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|So...where are we?
Written by JulieW
(9/16/2007 7:42 a.m.)
We find ourselves in January 1801.
Jane had , in her last letter to Cassandra , been visiting her great friend Martha Lloyd, together with Mrs Lloyd and poor deaf Mrs Stent ,at their home in Ibthorpe.
Cassandra had also, at the same time, been absent from Steventon , visiting brother Edward at his home in Godmersham , Kent.
Both the sisters being away from Steventon seems to have been , in a way, a tactical error. For it was during this period that the Reverend George Austen and Mrs Austen decided that the it had come for Mr Austen to retire and that they would move away from Steventon to a life of retirement in Bath.
Family tradition has it that upon being told the news when she arrived home at Steventon Rectory with Martha , poor Jane fainted :
As she and Martha arrived from Ibthorpe early in December( 1800-JW) they were met in the rectory hall by Mrs Austen, who greeted them with :
"Well girls, it is all settled, we have decided to leave Steventon in such a week and go to Bath"
- and to Jane the shock of this intelligence was so great that she fainted away. Mary Lloyd( wife of James Austen-JW) who was also present to greet her sister, remembered that Jane was greatly distressed"
(See Page 128 Jane Austen: A Family Record, Deirdre Le Faye)
So why did the Austens decide to leave Steventon? Anna Lefory remembered that the decision to leave Steventon prompted by Mrs Austens's indifferent health.
Another factor might have been that they had family who settled for at least part of the year at Bath. Mrs Austen's sister and brother in law, the Leigh Perrots , had a second home in Bath, in the Paragon.
Francis Austen felt that Reverend Austen
"felt too incapacitated from age and increasing infirmities to discharge his parochial duties in a manner satisfactory to himself"
(as quoted by Brian Southam in Jane Austen and the Navy, page 175.>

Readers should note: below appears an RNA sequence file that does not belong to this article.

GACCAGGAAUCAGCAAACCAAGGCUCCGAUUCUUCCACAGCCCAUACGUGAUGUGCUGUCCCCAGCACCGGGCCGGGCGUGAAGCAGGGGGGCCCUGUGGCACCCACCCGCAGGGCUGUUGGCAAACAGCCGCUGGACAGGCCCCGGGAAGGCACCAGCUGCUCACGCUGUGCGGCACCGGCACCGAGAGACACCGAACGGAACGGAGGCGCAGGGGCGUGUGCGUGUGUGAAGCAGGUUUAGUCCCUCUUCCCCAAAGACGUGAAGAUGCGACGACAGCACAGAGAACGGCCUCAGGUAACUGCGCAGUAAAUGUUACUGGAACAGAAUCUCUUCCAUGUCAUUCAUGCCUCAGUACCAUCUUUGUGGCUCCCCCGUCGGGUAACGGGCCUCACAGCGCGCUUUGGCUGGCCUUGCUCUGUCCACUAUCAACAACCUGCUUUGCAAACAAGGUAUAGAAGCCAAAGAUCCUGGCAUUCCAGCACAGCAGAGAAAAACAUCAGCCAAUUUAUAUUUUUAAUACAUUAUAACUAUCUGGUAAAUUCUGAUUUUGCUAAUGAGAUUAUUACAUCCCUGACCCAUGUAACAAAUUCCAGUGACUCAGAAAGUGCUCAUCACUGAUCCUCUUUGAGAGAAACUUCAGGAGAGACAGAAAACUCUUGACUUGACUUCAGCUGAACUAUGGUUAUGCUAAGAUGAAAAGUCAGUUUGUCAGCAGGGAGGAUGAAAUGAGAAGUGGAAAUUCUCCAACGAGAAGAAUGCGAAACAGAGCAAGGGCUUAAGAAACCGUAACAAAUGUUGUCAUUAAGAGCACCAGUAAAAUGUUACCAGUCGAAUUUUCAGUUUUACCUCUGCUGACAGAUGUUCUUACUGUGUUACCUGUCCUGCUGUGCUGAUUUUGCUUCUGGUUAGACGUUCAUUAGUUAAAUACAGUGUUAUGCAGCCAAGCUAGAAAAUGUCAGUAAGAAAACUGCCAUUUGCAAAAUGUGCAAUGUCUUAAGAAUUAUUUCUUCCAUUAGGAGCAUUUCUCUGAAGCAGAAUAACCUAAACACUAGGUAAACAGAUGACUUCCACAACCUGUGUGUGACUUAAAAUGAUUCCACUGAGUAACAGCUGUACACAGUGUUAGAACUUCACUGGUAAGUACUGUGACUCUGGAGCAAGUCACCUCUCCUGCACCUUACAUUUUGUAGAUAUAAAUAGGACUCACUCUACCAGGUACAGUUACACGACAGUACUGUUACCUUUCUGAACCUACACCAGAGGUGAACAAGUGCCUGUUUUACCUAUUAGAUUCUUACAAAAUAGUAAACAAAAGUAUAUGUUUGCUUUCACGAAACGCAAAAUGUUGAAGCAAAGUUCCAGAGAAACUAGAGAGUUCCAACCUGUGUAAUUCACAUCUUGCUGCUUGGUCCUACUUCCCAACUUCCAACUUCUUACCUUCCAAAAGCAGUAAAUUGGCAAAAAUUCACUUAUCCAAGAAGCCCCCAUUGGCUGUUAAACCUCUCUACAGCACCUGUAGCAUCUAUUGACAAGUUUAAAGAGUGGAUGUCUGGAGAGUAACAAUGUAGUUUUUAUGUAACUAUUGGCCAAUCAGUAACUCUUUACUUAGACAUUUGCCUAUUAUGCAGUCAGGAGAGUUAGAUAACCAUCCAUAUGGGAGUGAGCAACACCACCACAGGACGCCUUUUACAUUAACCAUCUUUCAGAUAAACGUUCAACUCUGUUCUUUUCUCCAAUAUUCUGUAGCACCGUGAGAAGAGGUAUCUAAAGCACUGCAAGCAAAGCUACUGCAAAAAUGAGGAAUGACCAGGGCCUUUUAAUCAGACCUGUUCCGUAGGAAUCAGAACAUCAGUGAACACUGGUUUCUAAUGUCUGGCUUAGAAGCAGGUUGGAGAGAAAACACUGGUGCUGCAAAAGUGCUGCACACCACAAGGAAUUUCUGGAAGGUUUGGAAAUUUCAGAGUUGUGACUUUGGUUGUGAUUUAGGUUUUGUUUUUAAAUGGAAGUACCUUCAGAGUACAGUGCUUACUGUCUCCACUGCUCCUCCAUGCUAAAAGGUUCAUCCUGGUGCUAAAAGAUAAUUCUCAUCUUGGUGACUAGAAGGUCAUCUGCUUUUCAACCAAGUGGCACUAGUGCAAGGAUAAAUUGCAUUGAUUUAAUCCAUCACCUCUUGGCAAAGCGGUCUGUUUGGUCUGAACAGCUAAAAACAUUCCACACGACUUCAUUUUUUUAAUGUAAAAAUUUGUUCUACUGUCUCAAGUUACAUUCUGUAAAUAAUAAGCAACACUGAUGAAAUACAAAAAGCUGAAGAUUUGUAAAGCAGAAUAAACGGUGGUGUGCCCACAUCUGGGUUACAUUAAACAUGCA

Fanny Caroline Lefroy( in an unpublished manuscript quoted by Le Faye in Jane Austen A Family Record, noted that:
My Aunt was very sorry to leave her native home, as I have heard my Mother relate…….She loved the country and her delight in natural scenery was such that she would sometimes say she thought it must form one of the joys of heaven
The somewhat hasty decision to retire to bath also raised suspicions of a romance amongst the family. The Leigh Perrrots suspected that the Austens were making a hasty departure form Steventon to separate JA from William Digweed, one of four sons of the Squire who lived at Steventon Manor house.
There is no evidence for any of this in JA's letters, it must be said. In fact, JA often teased Cassandra in her letters with her "suspicions" that William's brother the Reverend James Digweed was keen on Cassandra (see letter26 Le Faye edition).
I do think that the state of Mrs Austen's health( she was I do have to say, IMHO, somewhat of a hypochondriac) and Mr Austen's desire for a lighter workload at the age of nearly 70, were the prime factors in the Austen's decision.
But whatever the reasons for the decision, it was made, and no consultation of the Austen girls seems to have taken place, and their wishes, if expressed at all, appear to have been overridden .
The decision to move to Bath seems, understandably, to have caused JA great distress: her world was being broken up. No longer would she be living among the countryside she so loved, but had to move to a fashionable city where the population changed every week. Her network of family and friends( the Fowles at Kintbury, the Lloyds at Ibthorpe and the Lefroys at Ashe) were all to be removed from her with the move to Bath.
None of her letters to Cassandra have survived from the month of December 1800: Le Faye suggested that they were so intensely personal ,and were the ones where JA gave full vent to her feelings of anger and grief, that they were among the ones Cassandra destroyed. Rankly, I'm not surprised at JA's probable feelings of anger, grief and possibly impotence in the face of Mrs Austen's determination to move to Bath:
Bath it was supposed would suit her case, and it was a place that she liked
So let us move on to those that did survive…an the first of these is dated 3rd January 1801.
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